Family gets HGTV home makeover after Sandy
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The Enrights of Long Beach were engulfed in cheers and tears Saturday as the family of eight felt the full impact of a reality TV show makeover.
Family and friends lined the Michigan Street sidewalk as they entered their revamped home, which had been severely damaged by superstorm Sandy.
"It's a completely new home," said mother Lori Enright, 51, who works at a local pizzeria. "It's night and day."
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"You feel like you are in somebody else's home," added father John Enright, 52, who manages a Bed, Bath & Beyond in Oceanside. "I never thought it could come out this good."
During the storm, water came up from the basement, destroying the first floor. The damage was so intense the entire family -- two parents, six children, two dogs and a ferret -- were relegated to living on the second floor for nearly five months.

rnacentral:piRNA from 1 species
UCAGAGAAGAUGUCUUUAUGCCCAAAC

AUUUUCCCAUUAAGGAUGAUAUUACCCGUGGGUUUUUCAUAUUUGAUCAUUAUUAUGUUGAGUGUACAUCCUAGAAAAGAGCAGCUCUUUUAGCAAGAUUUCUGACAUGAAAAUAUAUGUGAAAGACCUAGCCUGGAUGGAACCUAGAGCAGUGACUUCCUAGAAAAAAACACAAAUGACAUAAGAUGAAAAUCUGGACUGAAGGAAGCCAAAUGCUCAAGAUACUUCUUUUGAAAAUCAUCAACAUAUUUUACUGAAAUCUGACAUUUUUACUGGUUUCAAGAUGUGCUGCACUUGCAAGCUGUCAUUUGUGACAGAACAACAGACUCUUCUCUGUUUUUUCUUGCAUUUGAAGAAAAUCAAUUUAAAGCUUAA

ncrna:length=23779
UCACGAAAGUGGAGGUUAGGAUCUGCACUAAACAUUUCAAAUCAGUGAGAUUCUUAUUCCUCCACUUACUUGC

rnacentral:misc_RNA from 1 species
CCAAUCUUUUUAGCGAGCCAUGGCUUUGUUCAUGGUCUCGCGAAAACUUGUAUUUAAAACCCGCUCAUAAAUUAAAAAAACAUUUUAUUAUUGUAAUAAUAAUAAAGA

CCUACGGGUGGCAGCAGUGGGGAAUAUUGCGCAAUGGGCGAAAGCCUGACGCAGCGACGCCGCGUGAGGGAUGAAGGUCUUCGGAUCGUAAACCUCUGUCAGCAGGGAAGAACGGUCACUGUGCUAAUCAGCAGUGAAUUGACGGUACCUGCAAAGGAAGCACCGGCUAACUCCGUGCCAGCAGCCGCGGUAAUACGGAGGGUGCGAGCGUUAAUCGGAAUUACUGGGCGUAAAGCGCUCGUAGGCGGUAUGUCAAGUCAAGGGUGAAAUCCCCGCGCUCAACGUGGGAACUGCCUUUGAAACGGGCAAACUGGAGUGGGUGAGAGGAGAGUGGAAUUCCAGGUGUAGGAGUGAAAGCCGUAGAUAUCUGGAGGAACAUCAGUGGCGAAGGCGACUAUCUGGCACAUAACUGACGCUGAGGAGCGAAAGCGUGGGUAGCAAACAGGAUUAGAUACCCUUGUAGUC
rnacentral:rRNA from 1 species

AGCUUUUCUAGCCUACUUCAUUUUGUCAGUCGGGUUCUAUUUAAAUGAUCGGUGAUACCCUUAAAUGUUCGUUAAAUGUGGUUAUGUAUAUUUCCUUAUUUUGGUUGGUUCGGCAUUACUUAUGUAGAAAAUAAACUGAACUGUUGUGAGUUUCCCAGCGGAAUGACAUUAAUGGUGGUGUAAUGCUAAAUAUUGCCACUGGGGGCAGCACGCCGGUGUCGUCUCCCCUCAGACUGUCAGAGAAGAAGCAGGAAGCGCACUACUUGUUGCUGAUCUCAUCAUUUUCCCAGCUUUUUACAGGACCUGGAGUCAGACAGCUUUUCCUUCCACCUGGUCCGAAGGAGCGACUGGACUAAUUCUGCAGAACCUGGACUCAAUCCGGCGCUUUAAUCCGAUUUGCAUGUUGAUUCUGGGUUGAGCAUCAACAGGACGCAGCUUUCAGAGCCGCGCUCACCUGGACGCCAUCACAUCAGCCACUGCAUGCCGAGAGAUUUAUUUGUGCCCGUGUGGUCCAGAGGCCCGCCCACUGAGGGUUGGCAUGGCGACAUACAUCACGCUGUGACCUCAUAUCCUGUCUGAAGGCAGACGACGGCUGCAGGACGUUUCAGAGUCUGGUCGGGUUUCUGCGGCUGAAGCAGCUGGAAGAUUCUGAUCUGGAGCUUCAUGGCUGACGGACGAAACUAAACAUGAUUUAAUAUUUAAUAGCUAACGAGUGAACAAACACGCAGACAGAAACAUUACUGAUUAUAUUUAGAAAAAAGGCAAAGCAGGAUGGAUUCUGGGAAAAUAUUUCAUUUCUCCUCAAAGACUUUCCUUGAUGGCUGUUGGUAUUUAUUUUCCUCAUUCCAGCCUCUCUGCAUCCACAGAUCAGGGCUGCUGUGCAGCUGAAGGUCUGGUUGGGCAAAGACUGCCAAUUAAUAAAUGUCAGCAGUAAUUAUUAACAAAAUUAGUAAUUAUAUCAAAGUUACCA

On March 15, the Enrights were notified that they were chosen as the subject of the HGTV show "Spontaneous Construction," hosted by Atlantic Beach native and actor Ricky Paull Goldin. Carpenters and volunteers steadily worked on the six-bedroom house, getting it ready for Saturday's unveiling.
"While the storm didn't take their house, it took away their home," said Bill Borson, the show's co-executive producer. "Our goal was to give them their home back." The episode is supposed to air in April.
The team gutted the first floor. Every appliance was unusable and had to be replaced, along with the furniture. The crew laid down a new wood floor and reconfigured the space. In addition to putting in a new kitchen and bathroom, the Enrights were given a living room with a 60-inch TV and sectional couch, plus an office workspace and a pantry.
Each family member had their own personal highlights. For John, it was a table that seats eight.
"The dining table alone blew me away," he said. "We haven't sat down to eat dinner as a family in 10 years."
Lori was floored by the washer and dryer, a luxury she never had. Every Tuesday night after work, she'd be at the laundromat washing 10 bags of clothes until 3 a.m.
"It's a ton of weight off my shoulders. I can throw a load in while I do other things, and the kids can do their own," she said. "It puts a lot of family time back."
The second floor was carpeted and refurnished where needed, and received a new bathroom as well. Each child's bedroom was equipped with a 32-inch flat-screen TV, courtesy of Cablevision, which owns Newsday..
"It's like we've been nomads," said Lori, teary-eyed. "Now we're finally home."